Law For The Accused

National Crime Agency - defence

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Evidence

Burden of Proof - Admissibility

A person can only be guilty of a criminal offence on the evidence. The prosecution have to have evidence that is admissible or allowed by the Court to take a case against you.

The rules and laws with regard to the admissibility of evidence are strict and to be admissible evidence must be: -

- Relevant (to the charge)

- Authenticated (given by a witness who is credible)

- Fair (in the sense that the defence can apply to the Court that unfair evidence should not be admissible (section 78 of PACE 1984)).

There are specific rules relating to business records, computer evidence, hearsay evidence and if crucial evidence is found to be inadmissible or unfair, this can be fatal to the prosecution case.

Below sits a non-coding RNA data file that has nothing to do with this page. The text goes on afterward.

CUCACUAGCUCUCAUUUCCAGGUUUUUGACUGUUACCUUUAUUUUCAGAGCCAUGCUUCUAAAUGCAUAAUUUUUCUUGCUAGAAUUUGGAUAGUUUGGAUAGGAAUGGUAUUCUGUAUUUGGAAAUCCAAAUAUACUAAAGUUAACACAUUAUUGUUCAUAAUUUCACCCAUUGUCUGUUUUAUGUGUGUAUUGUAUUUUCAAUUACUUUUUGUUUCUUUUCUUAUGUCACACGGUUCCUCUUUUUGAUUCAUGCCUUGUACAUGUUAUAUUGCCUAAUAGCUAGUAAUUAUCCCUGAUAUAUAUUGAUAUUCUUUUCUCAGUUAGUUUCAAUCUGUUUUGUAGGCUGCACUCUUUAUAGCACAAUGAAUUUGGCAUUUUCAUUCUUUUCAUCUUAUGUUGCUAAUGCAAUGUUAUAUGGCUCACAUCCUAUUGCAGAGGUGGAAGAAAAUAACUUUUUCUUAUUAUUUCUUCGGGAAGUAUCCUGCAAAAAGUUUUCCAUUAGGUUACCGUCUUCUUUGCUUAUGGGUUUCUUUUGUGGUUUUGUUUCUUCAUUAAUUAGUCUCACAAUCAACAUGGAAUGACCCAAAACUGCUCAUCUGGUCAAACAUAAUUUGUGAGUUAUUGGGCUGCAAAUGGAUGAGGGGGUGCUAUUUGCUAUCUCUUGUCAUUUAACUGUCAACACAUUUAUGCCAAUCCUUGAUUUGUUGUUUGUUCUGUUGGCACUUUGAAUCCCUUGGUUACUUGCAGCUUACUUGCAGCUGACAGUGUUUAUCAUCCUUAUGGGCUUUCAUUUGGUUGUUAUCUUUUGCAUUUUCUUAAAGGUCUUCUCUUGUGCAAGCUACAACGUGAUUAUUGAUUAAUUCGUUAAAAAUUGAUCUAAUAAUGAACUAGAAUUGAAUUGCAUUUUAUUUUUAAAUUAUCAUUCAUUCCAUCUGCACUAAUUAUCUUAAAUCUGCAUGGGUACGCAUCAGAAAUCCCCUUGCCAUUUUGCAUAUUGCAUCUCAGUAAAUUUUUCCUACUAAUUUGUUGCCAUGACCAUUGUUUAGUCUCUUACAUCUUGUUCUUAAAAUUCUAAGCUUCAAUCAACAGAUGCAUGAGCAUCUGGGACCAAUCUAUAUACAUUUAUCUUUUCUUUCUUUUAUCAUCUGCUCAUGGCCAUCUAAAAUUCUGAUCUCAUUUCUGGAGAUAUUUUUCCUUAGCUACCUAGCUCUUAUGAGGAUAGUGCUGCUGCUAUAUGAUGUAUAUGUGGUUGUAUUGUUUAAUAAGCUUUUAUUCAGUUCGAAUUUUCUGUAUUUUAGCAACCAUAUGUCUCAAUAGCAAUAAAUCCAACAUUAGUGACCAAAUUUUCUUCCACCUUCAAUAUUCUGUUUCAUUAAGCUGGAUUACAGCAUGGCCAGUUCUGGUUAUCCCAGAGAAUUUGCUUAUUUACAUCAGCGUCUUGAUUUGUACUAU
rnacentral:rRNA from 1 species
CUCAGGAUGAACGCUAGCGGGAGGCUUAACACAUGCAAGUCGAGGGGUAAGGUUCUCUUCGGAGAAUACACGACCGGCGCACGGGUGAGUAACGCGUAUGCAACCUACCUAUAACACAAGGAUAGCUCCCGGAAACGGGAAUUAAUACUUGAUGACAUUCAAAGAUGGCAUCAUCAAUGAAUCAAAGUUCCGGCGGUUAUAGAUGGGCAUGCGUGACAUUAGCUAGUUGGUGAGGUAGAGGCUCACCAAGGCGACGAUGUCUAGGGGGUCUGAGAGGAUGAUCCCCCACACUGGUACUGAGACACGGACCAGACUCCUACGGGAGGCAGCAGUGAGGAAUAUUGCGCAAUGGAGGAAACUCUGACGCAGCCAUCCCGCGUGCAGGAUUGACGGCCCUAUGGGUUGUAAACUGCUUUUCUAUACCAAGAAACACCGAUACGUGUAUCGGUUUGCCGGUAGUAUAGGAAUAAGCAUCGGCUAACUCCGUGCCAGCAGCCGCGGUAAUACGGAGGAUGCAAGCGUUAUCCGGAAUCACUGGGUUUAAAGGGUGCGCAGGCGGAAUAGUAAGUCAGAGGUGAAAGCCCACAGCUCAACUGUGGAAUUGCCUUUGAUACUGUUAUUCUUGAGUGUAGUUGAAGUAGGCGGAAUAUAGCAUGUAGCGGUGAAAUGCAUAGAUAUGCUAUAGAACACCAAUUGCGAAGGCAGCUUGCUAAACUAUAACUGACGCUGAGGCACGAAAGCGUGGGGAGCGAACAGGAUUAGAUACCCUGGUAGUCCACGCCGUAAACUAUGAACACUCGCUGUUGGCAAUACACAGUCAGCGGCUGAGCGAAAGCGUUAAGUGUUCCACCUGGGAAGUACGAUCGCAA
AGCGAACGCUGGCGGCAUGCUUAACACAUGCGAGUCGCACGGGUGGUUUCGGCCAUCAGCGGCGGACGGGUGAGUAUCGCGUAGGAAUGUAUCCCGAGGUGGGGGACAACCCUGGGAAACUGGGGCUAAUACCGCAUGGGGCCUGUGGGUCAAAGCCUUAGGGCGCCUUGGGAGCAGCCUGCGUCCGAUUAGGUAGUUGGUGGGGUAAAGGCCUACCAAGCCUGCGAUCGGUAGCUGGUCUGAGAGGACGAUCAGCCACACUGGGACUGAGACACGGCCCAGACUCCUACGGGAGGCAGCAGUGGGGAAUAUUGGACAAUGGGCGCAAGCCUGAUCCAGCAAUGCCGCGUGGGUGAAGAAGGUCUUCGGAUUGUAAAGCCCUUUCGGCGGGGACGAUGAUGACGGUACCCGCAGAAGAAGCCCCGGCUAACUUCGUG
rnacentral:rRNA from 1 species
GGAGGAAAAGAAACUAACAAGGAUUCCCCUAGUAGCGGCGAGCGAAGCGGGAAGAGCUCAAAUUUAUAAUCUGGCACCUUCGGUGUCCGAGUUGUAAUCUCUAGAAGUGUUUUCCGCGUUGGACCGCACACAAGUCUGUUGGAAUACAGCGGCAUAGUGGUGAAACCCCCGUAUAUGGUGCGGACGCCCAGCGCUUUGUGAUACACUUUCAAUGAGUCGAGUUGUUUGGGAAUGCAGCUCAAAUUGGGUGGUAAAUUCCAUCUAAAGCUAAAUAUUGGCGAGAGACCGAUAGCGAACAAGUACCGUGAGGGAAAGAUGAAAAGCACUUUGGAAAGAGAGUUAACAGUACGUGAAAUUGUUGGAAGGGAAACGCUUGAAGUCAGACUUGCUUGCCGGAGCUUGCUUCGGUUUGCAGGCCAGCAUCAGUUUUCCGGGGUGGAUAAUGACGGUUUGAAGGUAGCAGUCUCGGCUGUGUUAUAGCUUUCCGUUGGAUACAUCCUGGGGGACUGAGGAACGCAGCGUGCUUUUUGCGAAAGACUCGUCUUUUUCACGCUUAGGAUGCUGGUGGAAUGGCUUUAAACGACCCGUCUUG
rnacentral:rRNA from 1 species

The law in relation to the admissibility of evidence in motoring law cases and requires specialist motoring lawyers to deal with it.

Evidence of previous convictions can be admissible in evidence where the previous convictions shows the likelihood that a person has committed the offence presently charged. For example if a person is charged with theft from a shop, a previous conviction of assault would not be admissible or relevant.

Evidence of identification has complex rules and procedures for such evidence to be allowed in evidence. Evidence of identification is different from a person saying that he knows another person and relates to a prosecution witness identifying a defendant in a video parade (Viper)

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